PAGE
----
Scientists have developed artificial skin to help restore touch

Along with hearing and sight, touch is one of the key ways to obtain information and interact with the world around you. And for people who, for some reason, have lost the ability to perceive tactilely, the researchers proposed artificial skin technology with the possibility of touch-sensitive feedback, reports the American Association for the Advancement of Science.

Scientists at the EPFL Reconfigurable Robotics Laboratory (RRL), led by Jamie Pike, and the School of Engineering's Soft Bioelectronic Interface (LSBI) laboratory, led by Stephanie Lacour, have proposed a system that combines soft silicone elements with soft sensors and actuators.

Silicone allows you to create the most appropriate form of body parts coating, and multi-layer coating provides signal reception and feedback. 

Artificial Skin That Senses Touch
Artificial Skin That Senses Touch 

The sensor layer is located on top of the membrane layer made of pneumatic elements and contains soft electrodes made of a mixture of liquid and solid gallium. 

These electrodes continuously measure the deformation of the skin and send the data to a microcontroller that uses this feedback to fine-tune the sensation transmitted to the person in response to their movements and changes of external factors.

Sensors continuously measure the deformation of artificial skin, so that sensory feedback can be adjusted in real time to create the most realistic sense of touch. 

Artificial skin can stretch up to four times its original size and withstand up to a million stretch-compression cycles without change.

The results of the research are published in Soft Robotics. In the near future, comprehensive development testing will begin in both real and virtual environments.


  1. Harshal A. Sonar, Aaron P. Gerratt, Stéphanie P. Lacour, and Jamie Paik.Soft Robotics. 23, 2019.

Self-Sensing Soft Pneumatic Actuator Skin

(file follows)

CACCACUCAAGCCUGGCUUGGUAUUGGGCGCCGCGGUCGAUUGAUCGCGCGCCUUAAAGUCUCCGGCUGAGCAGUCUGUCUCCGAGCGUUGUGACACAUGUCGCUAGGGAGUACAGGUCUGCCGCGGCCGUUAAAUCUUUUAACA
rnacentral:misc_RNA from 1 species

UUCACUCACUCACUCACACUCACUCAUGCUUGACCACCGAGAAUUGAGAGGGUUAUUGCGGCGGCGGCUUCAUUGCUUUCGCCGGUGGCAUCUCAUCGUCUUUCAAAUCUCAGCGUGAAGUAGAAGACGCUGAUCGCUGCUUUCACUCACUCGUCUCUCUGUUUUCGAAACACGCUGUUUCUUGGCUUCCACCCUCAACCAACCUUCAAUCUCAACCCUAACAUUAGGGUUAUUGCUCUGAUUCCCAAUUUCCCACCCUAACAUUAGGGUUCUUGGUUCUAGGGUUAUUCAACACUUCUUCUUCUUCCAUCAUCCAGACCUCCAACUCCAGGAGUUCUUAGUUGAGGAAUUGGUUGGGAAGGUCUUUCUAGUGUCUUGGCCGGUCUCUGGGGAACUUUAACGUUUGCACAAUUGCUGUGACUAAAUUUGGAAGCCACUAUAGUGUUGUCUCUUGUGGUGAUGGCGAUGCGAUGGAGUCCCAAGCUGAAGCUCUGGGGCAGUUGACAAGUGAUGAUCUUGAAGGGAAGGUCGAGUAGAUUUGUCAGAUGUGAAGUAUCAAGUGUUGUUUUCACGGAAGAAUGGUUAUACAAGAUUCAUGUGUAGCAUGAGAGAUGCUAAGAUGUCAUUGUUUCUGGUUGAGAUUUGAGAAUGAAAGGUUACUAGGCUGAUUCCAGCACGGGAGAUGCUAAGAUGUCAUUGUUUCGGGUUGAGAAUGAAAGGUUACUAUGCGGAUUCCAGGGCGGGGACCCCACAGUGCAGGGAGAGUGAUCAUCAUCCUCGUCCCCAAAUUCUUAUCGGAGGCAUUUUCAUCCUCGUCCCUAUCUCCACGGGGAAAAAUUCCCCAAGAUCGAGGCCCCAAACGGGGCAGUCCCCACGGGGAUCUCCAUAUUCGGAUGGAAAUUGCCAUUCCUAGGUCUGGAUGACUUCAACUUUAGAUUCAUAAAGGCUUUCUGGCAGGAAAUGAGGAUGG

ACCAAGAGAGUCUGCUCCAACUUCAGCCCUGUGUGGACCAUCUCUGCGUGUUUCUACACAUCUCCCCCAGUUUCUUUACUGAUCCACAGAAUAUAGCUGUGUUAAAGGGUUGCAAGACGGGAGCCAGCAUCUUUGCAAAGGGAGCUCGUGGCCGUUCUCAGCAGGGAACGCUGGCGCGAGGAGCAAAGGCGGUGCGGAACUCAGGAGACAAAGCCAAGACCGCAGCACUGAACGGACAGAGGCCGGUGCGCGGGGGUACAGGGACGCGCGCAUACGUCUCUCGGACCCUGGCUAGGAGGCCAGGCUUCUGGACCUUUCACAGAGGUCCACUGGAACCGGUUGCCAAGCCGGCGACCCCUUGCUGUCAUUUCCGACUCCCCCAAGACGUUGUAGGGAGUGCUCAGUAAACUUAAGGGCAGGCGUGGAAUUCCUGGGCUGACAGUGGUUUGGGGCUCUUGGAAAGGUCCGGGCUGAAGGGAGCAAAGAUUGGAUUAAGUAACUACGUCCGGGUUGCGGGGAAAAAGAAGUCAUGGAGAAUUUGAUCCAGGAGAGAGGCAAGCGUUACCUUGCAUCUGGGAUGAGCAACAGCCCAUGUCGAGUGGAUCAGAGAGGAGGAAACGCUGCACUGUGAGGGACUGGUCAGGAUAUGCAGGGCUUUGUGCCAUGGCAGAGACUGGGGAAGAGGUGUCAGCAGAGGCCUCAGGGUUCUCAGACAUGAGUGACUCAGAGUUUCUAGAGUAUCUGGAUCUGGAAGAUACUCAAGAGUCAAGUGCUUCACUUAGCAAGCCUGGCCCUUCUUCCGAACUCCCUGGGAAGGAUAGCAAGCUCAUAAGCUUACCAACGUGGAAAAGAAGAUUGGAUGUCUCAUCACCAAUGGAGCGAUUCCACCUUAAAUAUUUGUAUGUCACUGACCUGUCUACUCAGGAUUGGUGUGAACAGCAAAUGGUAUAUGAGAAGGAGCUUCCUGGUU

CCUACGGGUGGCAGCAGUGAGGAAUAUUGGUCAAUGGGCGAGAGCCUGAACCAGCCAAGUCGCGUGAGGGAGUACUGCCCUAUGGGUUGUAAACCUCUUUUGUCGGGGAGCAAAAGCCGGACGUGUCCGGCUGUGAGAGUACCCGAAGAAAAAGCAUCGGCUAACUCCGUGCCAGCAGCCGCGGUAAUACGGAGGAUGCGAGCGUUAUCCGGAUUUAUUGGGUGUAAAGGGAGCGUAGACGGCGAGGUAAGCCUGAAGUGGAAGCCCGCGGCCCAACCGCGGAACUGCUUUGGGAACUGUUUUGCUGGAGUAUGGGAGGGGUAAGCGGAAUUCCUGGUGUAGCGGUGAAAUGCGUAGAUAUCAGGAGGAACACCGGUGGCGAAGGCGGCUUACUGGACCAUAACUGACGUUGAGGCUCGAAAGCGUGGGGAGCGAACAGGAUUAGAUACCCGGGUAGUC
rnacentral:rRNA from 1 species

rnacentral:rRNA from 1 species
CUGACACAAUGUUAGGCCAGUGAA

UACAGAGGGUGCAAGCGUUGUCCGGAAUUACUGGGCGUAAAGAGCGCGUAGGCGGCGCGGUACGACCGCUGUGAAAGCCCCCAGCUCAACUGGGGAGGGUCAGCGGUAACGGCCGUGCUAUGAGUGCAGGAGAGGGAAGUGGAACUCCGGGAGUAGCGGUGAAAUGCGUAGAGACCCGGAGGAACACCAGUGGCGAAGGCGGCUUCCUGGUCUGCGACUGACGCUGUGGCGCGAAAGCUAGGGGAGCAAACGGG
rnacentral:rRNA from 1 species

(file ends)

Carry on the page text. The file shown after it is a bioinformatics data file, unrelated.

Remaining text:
For the first time a closed loop tactile feedback control is achieved, it is the first time on a completely soft platform. A prototype of the new Self Sufficient Pneumatic Actuator (SPA) with soft load cells, called SPA skin, has been developed to withstand high multi-axis stresses and is capable of high-frequency sensing and control. 

To control tactile feedback in a closed loop, the platform requires a coherently integrated system. Comprised of a stretchable low-profile SPA (<500 µm) and an ultra-compatible thin-metal film strain gauge, this system creates a completely new double-sided platform for tactile sensing using adjustable vibration feedback force. 

By using this prototype, for example, real-time control of drive geometry up to 100 Hz with output forces up to 1 N supported by variable mechanical loads. 

The SPA leather platform was also described as a platform for static and dynamic behavior in the amplitude and frequency range, with an analytical model of the system to predict the actuator's pumping status using only the built-in sensor resistance. 

As a multi-layered system, the SPA skin can be easily implemented as a fast, wear-resistant bi-directional interface for contact and vibration-tax feedback.